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        Numerical simulations of cyclic behaviour in the Parallel Ice Sheet Model (PISM)
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Numerical experiments are conducted on a synthetic topography with a three-dimensional thermomechanically coupled ice-sheet model, the Parallel Ice Sheet Model (PISM). Within the model, combined stress balances are connected to evolving thermodynamics and hydrology. The sensitivity of cyclic behaviour to changes in sliding-law parameters and the climate input is studied. Multiple types of oscillations were found, with strong variations in both amplitude and frequency. A physical description is given, in which these variations and transitions from one oscillation type to another are linked to the interplay of stresses, heat transport and hydrological processes. High-frequency oscillations (period 114-169 years), which are shown to have a major impact on ice velocities and a small effect on the ice volume, are related to variations in the water distribution at the base. Low-frequency cycles (period 1000+ years), which have a major impact on both velocities and ice volume, are linked to changes in the thermal regime. Oscillation characteristics are shown to be strongly sensitive to changes in sliding-law parameters and the prescribed surface temperature and mass balance. Incorporating a surface-height dependence of the mass balance is shown to provide an additional feedback, which may induce long- period oscillations.

1. Introduction

Climatic variations are known to exert an external control on the dynamic evolution of glaciers and ice sheets. However, not all observed changes in ice movement and geometry evolution can be ascribed to changes in the climate system. Ice sheets evolve as a product of the interplay of geometry, thermodynamics and hydrology. Hence, accurate simulation of ice evolution requires proper treatment of both internal and external conditions. Irrespective of the climate forcing, periodic changes in ice geometry and flow velocities may occur.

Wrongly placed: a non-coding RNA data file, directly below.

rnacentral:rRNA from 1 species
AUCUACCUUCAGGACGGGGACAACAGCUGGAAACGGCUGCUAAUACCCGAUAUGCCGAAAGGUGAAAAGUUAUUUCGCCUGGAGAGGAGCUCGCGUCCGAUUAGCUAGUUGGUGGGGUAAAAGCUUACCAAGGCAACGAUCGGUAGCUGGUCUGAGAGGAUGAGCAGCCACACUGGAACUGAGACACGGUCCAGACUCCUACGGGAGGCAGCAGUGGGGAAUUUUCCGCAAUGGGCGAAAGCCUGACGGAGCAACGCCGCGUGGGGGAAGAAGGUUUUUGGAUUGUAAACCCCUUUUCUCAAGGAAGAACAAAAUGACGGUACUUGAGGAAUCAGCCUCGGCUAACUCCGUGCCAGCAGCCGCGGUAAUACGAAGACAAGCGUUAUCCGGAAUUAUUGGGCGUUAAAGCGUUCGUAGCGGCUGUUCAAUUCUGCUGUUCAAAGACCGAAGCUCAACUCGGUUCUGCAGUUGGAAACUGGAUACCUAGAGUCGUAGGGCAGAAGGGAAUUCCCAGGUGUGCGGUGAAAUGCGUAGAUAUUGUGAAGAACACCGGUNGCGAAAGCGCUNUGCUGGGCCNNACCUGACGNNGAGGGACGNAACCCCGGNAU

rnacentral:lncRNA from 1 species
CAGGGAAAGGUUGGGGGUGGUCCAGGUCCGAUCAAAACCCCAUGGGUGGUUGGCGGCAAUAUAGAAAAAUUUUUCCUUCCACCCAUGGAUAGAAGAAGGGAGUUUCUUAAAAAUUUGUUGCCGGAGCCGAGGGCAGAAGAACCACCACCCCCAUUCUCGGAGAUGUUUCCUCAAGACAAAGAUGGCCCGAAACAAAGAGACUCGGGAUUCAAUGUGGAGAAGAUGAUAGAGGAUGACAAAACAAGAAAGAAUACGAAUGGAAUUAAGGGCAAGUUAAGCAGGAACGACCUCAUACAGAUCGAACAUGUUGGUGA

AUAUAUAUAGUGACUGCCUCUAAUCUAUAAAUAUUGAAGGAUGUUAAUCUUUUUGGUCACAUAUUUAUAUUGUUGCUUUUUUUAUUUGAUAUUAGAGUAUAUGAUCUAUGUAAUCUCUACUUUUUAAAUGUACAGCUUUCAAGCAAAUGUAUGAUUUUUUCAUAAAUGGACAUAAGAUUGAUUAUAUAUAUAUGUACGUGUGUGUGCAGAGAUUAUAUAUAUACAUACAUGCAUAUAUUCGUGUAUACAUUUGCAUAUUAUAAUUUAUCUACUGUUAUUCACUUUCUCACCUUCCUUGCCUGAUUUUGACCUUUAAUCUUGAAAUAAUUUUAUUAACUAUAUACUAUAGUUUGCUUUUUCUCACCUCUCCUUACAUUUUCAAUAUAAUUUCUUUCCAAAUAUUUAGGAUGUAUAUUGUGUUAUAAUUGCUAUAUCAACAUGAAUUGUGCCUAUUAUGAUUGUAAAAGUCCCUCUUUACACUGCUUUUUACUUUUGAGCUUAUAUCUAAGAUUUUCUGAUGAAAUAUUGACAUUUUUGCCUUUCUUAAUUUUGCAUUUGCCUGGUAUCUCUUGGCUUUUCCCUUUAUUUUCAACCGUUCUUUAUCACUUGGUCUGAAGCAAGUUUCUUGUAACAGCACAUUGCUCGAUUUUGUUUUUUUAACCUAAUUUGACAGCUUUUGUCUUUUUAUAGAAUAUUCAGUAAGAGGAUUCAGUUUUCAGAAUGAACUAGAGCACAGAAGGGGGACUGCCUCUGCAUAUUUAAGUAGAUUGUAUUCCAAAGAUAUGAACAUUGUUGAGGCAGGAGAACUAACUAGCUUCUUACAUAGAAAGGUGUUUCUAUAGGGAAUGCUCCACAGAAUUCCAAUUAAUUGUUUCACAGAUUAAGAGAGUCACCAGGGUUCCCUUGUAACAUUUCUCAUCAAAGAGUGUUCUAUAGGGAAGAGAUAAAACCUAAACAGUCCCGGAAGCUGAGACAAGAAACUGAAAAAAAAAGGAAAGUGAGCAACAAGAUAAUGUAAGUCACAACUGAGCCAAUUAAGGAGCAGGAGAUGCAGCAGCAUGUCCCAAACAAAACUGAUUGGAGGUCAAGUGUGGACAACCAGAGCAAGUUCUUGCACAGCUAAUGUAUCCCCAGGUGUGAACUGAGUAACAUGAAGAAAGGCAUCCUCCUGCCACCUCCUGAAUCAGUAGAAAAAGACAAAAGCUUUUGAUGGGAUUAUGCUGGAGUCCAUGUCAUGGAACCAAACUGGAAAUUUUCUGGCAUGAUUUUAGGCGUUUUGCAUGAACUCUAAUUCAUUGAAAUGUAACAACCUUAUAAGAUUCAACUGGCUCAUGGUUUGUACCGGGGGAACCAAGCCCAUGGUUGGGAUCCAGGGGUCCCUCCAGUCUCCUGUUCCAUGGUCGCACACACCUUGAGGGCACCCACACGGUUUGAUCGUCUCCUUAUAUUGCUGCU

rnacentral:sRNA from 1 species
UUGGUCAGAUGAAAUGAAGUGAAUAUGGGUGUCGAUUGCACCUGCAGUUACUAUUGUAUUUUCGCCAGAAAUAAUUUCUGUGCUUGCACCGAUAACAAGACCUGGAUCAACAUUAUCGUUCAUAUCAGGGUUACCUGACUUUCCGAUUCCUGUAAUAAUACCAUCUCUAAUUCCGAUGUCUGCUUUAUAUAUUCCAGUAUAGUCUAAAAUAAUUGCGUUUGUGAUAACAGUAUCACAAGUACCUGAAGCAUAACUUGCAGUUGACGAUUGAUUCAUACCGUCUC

Numerical modelling of periodic behaviour in ice masses has helped to provide insight into how internal instabilities may trigger oscillatory flow. Budd (1975) was the first to link basal sliding velocities to the thermal regime in a numerical model and simulated surging behaviour. Later work by Oerlemans (1983) illustrated the relevance of the explicit treatment of basal water and including temperature advection in the heat equation. A ‘binge/purge’ mechanism, proposed by MacAyeal (1993), relates periods of excessive ice advance to changes in the thermal regime. Payne (1995) demonstrated that the interaction of basal dynamics and the basal heat budget may lead to limit cycles in the basal thermal regime. Similar multi-millennial oscillations were found in a three-dimensional (3-D) model, developed by Marshall and Clarke (1997), in studies by Calov and others (2002) and Papa and others (2006). Results of the Heinrich Event INtercOmparison (HEINO) as part of the Ice- Sheet Model Intercomparison Project (ISMIP), summarized by Calov and others (2010), demonstrate the ability of ice sheet models to simulate Heinrich-type oscillations. Heinrich events are periods of excessive iceberg calving from the Laurentide ice sheet during the last ice age, for which observational evidence originates from layers of ice-rafted debris in deep-sea sediment cores (Heinrich, 1988; Bond and others, 1992). They are thought to be related to periodic ice- stream surging in Hudson Strait (Clarke and others, 1999).